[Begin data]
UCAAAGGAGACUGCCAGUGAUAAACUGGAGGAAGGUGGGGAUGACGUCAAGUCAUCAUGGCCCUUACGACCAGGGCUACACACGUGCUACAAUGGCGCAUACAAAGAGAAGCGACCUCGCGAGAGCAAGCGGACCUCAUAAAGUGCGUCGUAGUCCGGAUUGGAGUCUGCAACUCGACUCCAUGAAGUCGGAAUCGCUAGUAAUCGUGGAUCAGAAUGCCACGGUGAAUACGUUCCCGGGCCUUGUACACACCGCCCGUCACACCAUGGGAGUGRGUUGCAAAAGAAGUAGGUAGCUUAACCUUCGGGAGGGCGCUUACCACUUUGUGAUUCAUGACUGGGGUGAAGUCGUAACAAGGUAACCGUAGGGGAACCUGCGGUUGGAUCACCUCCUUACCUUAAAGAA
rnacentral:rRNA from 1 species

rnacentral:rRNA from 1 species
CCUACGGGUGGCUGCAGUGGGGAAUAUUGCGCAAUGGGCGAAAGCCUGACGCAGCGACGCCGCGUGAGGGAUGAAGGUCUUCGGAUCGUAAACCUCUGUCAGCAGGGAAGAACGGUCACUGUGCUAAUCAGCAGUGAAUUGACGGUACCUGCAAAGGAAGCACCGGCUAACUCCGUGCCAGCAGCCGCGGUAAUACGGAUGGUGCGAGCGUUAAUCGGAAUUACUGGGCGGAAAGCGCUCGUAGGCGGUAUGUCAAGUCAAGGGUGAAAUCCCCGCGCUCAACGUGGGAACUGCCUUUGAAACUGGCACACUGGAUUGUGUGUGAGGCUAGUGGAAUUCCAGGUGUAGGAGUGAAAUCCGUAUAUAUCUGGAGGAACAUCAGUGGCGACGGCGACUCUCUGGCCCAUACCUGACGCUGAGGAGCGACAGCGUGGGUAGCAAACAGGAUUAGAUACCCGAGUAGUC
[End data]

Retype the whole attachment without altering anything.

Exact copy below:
UCAAAGGAGACUGCCAGUGAUAAACUGGAGGAAGGUGGGGAUGACGUCAAGUCAUCAUGGCCCUUACGACCAGGGCUACACACGUGCUACAAUGGCGCAUACAAAGAGAAGCGACCUCGCGAGAGCAAGCGGACCUCAUAAAGUGCGUCGUAGUCCGGAUUGGAGUCUGCAACUCGACUCCAUGAAGUCGGAAUCGCUAGUAAUCGUGGAUCAGAAUGCCACGGUGAAUACGUUCCCGGGCCUUGUACACACCGCCCGUCACACCAUGGGAGUGRGUUGCAAAAGAAGUAGGUAGCUUAACCUUCGGGAGGGCGCUUACCACUUUGUGAUUCAUGACUGGGGUGAAGUCGUAACAAGGUAACCGUAGGGGAACCUGCGGUUGGAUCACCUCCUUACCUUAAAGAA
rnacentral:rRNA from 1 species

rnacentral:rRNA from 1 species
CCUACGGGUGGCUGCAGUGGGGAAUAUUGCGCAAUGGGCGAAAGCCUGACGCAGCGACGCCGCGUGAGGGAUGAAGGUCUUCGGAUCGUAAACCUCUGUCAGCAGGGAAGAACGGUCACUGUGCUAAUCAGCAGUGAAUUGACGGUACCUGCAAAGGAAGCACCGGCUAACUCCGUGCCAGCAGCCGCGGUAAUACGGAUGGUGCGAGCGUUAAUCGGAAUUACUGGGCGGAAAGCGCUCGUAGGCGGUAUGUCAAGUCAAGGGUGAAAUCCCCGCGCUCAACGUGGGAACUGCCUUUGAAACUGGCACACUGGAUUGUGUGUGAGGCUAGUGGAAUUCCAGGUGUAGGAGUGAAAUCCGUAUAUAUCUGGAGGAACAUCAGUGGCGACGGCGACUCUCUGGCCCAUACCUGACGCUGAGGAGCGACAGCGUGGGUAGCAAACAGGAUUAGAUACCCGAGUAGUC